Scientists from Nanyang Technological University, Singapore in collaboration with the University of Groningen have developed a method to analyse which pairs of materials in perovskite solar cells will harvest the most energy.
In a paper published in Science Advances, physicists Professor Sum Tze Chien from NTU and Professor Maxim Pshenichnikov from UG used lasers to observe how an energy barrier forms when perovskite is joined with a material that extracts the electrical charges to make a solar cell.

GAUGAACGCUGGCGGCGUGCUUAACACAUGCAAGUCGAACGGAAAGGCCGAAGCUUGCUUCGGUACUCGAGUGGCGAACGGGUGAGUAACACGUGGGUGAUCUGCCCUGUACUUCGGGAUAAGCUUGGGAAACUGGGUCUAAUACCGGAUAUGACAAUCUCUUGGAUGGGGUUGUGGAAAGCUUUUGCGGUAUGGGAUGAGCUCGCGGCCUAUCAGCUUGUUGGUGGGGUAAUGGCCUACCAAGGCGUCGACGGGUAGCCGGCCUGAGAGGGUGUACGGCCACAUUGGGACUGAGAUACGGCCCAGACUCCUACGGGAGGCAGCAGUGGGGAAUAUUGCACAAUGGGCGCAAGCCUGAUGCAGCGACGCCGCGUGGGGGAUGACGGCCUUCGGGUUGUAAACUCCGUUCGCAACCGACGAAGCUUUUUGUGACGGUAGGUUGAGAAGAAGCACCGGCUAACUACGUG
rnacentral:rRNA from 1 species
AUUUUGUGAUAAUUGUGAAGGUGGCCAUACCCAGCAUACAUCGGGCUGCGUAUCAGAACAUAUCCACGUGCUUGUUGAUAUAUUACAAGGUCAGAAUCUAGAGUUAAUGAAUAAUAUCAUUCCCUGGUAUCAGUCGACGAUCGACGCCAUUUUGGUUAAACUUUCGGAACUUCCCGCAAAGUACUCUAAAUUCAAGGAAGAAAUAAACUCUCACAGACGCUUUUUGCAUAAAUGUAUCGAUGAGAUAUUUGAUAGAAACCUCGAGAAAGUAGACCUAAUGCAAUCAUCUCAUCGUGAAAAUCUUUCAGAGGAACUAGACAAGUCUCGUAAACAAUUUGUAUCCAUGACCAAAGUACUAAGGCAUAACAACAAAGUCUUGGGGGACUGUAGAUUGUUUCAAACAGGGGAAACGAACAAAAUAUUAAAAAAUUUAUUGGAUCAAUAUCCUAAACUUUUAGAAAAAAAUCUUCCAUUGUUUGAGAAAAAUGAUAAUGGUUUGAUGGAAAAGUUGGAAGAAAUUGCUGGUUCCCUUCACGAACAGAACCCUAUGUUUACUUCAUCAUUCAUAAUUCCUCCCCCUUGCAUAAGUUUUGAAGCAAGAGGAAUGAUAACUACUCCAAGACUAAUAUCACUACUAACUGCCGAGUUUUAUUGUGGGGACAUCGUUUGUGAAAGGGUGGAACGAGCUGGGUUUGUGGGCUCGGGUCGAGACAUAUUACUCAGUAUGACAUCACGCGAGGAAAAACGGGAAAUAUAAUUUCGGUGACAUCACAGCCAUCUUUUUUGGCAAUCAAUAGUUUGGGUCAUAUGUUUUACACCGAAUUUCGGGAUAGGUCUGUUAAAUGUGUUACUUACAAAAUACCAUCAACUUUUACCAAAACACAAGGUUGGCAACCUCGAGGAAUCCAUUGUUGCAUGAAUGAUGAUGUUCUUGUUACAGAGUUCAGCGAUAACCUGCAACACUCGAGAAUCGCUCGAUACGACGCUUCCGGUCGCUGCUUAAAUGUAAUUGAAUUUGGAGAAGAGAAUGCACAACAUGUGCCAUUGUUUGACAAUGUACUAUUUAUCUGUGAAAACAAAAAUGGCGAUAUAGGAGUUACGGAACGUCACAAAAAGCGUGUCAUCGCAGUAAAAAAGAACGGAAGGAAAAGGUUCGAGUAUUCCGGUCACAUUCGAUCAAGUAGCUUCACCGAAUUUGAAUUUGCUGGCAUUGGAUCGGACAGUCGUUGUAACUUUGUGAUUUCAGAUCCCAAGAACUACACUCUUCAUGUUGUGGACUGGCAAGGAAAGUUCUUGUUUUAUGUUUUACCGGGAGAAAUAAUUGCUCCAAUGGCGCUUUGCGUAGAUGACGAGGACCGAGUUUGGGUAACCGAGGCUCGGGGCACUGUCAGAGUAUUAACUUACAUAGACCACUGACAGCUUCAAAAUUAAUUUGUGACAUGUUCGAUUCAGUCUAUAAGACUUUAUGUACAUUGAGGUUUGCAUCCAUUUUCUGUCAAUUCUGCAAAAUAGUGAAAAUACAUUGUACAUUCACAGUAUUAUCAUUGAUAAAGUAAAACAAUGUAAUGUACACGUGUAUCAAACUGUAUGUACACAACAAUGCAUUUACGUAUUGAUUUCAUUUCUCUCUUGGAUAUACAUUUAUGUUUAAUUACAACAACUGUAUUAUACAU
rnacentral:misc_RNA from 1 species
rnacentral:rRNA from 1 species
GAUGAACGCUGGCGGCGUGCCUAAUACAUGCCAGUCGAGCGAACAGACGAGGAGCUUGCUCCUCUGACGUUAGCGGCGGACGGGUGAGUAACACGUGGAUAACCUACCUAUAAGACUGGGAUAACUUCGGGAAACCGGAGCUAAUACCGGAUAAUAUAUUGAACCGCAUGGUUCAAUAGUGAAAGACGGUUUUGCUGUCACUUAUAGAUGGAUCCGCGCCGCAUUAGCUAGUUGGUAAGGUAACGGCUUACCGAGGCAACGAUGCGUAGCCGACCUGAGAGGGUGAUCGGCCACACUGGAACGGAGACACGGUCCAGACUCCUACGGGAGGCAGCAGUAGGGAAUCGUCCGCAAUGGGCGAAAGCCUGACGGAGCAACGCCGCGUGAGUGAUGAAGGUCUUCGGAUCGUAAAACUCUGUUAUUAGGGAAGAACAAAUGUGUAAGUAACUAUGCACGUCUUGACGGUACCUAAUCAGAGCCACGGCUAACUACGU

When a solar cell absorbs sunlight and converts it to electrical charge, the light particles have more energy than needed to generate electrical charges. This excess energy results in “hot” charges, which lose their excess energy very fast as heat, leaving only “cold” charges available for electrical power generation.
Prof Sum, the Associate Chair (Research) at NTU’s School of Physical and Mathematical Sciences, said “Our latest findings show how ‘hot’ these charges have to be, in order to cross over the energy barrier without being wasted as heat. This highlights the need for better pairing of ‘extraction’ materials with perovskites if we want to lower this energy barrier for more efficient solar cells.”